Vodafone sells Verizon stake for $130bn
Vodafone has sold its 45% stake in Verizon Wireless to US telecoms group Verizon Communications in one of the biggest deals in corporate history.
The $130bn (£84bn) deal was announced on Monday by Vodafone after the close of trading on the London Stock Exchange. The company will return £54bn to its shareholders, of which £22bn will go to shareholders in the UK.
Vodafone chief executive Vittorio Colao told BBC News: “We got an offer that we thought was in the interests of our shareholders to accept – at the end of the day it’s as simple as that.”
The company is launching a £6bn investment plan called Project Spring, which will accelerate the introduction of 4G networks and increase investment in laying fibre optic cables, among other things.
The investments would allow the company to offer much faster broadband services to customers.
Vodafone will avoid paying any UK tax on huge profits it will make but thousands of its shareholders will be hammered with a hefty bill on the windfall they will receive. The company is set to gain £84billion from selling its stake in US mobile phone company Verizon Wireless.
But due to a loophole introduced under Labour, Vodafone cannot be forced to pay anything to HM Revenue and Customs.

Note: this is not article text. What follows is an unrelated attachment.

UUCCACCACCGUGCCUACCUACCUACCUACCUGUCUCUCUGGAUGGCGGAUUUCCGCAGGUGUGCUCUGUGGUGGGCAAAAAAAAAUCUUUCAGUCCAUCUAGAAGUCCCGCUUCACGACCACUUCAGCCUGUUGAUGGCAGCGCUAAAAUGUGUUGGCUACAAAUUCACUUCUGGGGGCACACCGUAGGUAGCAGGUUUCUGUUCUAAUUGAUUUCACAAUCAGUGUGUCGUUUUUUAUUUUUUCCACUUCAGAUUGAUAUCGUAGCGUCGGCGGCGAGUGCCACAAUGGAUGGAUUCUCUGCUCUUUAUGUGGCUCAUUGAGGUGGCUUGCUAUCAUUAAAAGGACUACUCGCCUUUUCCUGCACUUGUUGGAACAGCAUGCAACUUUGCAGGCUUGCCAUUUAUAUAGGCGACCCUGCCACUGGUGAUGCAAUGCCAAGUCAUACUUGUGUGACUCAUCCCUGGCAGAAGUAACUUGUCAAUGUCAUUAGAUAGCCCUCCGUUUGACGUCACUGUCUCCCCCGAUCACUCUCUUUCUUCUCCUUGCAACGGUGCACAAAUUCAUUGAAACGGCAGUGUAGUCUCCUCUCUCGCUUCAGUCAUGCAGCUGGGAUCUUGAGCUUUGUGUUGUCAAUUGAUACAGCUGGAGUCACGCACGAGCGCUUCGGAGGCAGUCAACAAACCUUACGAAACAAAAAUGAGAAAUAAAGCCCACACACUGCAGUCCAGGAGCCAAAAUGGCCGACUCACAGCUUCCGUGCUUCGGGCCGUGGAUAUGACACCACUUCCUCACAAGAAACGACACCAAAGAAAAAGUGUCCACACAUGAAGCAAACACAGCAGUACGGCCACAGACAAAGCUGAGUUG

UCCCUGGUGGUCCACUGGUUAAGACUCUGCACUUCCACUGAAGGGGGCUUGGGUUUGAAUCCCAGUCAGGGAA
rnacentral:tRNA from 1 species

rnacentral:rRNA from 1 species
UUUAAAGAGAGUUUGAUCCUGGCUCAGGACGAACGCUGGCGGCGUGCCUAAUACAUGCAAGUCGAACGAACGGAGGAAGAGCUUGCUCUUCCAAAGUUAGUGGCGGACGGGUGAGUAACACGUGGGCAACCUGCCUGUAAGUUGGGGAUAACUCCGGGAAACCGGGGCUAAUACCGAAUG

Shareholders including a large number of pension funds will receive more than £54billion from the deal. As well as a dividend, on which they will have to pay full tax, investors will also be given shares in Verizon Communications – the US giant which is buying the Verizon Wireless stake from Vodafone.
It means more than half a million private Vodafone shareholders will face a tax bill while the corporate giant will pay nothing itself in Britain.
Higher rate taxpayers face paying at least 25 per cent of the dividend in tax, though some basic and lower rate taxpayers may not be taxed at all.
Companies that receive the dividends will not be taxed.
MPs last night demanded Vodafone to ‘do the right thing’ and pay its ‘fair share’.
Margaret Hodge, chairman of the Public Accounts Committee, said: “I don’t understand how anyone can justify such a massive windfall without handing any of it to the Exchequer. If this is an instance in which Vodafone has simply played the system then clearly they themselves have an obligation to UK consumers, on whom they depend for their business, to do the right thing”.
Margaret continued to question executives from those firms, told the BBC, “I think we want reassurance that HMRC is doing its darndest to look over this deal in huge detail to make sure that Vodafone, under the existing law, is paying all tax due“.
The deal ends a long-running saga, with both Vodafone and Verizon trying to take full control of Verizon Wireless over the years, but having been unable to agree a price.
Vodafone shares rose 3.4% during the day.